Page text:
Although cannabis remains stigmatized and is laden with disparaging stereotypes, it’s something voters, regardless of party affiliation, have become visibly fond of over time. The addition of five states – spanning three time zones, not clustered in liberal pockets of the nation – whose voting publics demanded some form of legal weed speaks for itself. Here’s what the outcomes are.

Four Recreational Cannabis Newcomers

Voters in Arizona, Montana, New Jersey and South Dakota legalized the possession of marijuana by adults aged 21 and older. In Arizona, Montana and South Dakota, adults may possess and cultivate marijuana for personal use, and may establish a regulated retail market as well. Depending on the state, growing marijuana at home might be allowed. State agencies will regulate production and sales, and local jurisdictions may be able to ban marijuana retailers within their borders. And it goes without saying that there will be taxes on marijuana.

In New Jersey, the status quo doesn’t change yet. The election (a vote on a “public question”) simply told lawmakers that they need to change the laws now that the people have spoken. As such, that has yet to be done, and yet to effect change.

Two Medical Cannabis Newcomers

Voters in Mississippi and South Dakota approved the legalization of medical cannabis access. In Mississippi, residents must have one of 22 qualifying serious conditions, among which are cancer, chronic pain and epilepsy, to qualify as a medical cannabis patient.

Far-Reaching Economic Impacts

Marijuana’s victory couldn’t come at a better time, given our nation’s abject economic conditions, in the throes of pandemic-related shutdowns and the resultant business failures. Market research and analytics company The Brightfield Group, which specializes in the cannabis industry, projects tremendous growth in the U.S. recreational and medical cannabis industry over the next five years. For 2020, that industry will post $19 billion in sales. That will rise to $24 billion in sales by 2021 and $45 billion by 2025, assuming, for the latter estimate, that New York joins the pro-legalization movement.

Cannabis market firm New Frontier Data published a similarly optimistic estimate, but without the New York stipulation. It forecasts $9 billion in growth from 2022 to 2025 for the industry, and $35.1 billion in revenue in 2025. Arizona and New Jersey alone are expected to develop billion-dollar cannabis markets within a few years, according to most industry estimates.

Regrettably, Mississippi won’t be so lucky. The state’s Legislative Budget Office estimates that it will cost roughly $11.1 million to get the medical program up and running. Then, its revenue – an expected $10.7 million – will all have to go toward recouping that loss. Secondary effects like that, compounded by electoral ambiguities, might have contributed to a seemingly paradoxical drop in marijuana stocks the morning after the plant’s resounding ballot-box victories.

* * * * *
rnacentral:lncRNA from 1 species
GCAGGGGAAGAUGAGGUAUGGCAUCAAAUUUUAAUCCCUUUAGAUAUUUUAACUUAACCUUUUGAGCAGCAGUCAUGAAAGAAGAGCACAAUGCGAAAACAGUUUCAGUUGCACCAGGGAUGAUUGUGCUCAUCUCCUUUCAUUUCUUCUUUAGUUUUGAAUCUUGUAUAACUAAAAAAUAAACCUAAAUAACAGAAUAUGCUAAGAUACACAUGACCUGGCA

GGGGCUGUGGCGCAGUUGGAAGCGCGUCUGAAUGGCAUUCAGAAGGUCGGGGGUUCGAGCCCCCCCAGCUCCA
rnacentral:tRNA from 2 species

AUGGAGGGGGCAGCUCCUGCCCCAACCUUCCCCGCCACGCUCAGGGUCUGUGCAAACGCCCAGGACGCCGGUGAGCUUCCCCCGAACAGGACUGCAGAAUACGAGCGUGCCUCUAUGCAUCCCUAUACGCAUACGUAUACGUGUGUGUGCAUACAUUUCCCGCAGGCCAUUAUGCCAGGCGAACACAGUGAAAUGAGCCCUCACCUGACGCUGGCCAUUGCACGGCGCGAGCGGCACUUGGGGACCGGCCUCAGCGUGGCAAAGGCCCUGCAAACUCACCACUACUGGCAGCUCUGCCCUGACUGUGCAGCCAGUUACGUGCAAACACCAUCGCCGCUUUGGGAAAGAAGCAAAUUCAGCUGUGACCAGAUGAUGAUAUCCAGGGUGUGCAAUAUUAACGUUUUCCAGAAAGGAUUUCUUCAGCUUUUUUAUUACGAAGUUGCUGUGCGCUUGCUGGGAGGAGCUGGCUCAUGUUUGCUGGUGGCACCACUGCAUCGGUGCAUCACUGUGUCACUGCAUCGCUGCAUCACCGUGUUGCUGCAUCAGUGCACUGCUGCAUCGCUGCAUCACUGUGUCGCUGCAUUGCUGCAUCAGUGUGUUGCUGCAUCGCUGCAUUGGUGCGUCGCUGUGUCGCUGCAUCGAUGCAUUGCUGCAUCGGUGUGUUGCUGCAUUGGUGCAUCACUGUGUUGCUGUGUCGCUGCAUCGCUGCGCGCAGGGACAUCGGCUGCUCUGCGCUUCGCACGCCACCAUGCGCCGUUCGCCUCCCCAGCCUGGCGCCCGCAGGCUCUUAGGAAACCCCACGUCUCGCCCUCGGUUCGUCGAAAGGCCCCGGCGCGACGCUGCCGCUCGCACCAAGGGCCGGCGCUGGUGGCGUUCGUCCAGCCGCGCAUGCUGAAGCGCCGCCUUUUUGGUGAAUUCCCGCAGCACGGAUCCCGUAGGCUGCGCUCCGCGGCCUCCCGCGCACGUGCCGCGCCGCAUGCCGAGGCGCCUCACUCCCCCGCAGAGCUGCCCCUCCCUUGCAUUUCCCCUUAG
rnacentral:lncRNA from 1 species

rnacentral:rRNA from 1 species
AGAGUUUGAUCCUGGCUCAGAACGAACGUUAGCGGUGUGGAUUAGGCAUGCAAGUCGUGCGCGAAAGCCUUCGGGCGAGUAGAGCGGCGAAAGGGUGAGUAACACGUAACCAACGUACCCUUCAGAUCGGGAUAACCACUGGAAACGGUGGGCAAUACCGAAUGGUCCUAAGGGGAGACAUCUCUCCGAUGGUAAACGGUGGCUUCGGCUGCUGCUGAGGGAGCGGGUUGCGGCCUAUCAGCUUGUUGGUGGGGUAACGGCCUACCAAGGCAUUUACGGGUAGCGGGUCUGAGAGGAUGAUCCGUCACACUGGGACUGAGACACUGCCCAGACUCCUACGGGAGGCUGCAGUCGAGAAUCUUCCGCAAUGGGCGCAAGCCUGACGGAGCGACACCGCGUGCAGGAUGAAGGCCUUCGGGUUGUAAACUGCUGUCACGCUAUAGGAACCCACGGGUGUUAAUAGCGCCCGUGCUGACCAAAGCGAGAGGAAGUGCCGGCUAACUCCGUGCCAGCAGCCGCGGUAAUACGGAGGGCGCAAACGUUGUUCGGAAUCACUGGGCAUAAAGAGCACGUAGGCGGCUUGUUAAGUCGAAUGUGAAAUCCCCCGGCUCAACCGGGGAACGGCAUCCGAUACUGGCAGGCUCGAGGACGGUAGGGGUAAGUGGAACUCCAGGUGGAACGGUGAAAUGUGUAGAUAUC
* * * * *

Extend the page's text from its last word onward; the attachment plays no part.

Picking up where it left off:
A Potential Boost for the Broader Legalization Movement

There is hope that the federal government will be persuaded to relax its rigid opposition to legalizing cannabis due to how loudly the people have spoken through their ballots. What was once considered a fringe issue has undeniably become mainstream. In national polls, majorities of Democrats, Independents and Republicans consistently endorse legalization, and that partisan-agnostic support warrants attention at the highest levels of government.

And that’s exactly what it got. A top leader in the House announced on Nov. 9 that the body will hold a floor vote in December on a bill to end federal cannabis prohibition. (Read more on that here.) That bill is the bipartisan Marijuana Opportunity, Reinvestment and Expungement (MORE) Act, whose lead Senate sponsor is Vice President-elect Kamala Harris. The House vote next month will mark the first time either chamber of Congress has ever voted to lift the federal prohibition on marijuana since the passage of the Controlled Substances Act of 1970.

Outside of government, but related to Congress, analysts expect that New Jersey’s legalization will likely influence legalization measures in New York and Pennsylvania, where medicinal marijuana is legal. If Congress nixes the MORE Act and those two states legalize cannabis, more than one-third of the Senate will consist of representatives from pot-legal states. That, in turn, could possibly influence the federal stance on marijuana under President-elect Joe Biden.  Biden opposes full legalization as well, but has historically argued for a milder measure in marijuana decriminalization at the federal level. Implementing ideas he’s expressed would remove prison time for cannabis, but not allow sales of it. Whether he will take on this issue as the 46th president is anyone’s guess, but he can only block out the fierce roar of public opinion for so long.

So many things hang in the balance right now, to say the least. But answers are coming – and soon. If past is prologue, cannabis will emerge victorious in the war against weed, after having won countless smaller-scale battles leading up to that victory.

Kathleen Hearons is an editor, writer, voice– over actor and avid cinephile. She lives and works in the greater Los Angeles area.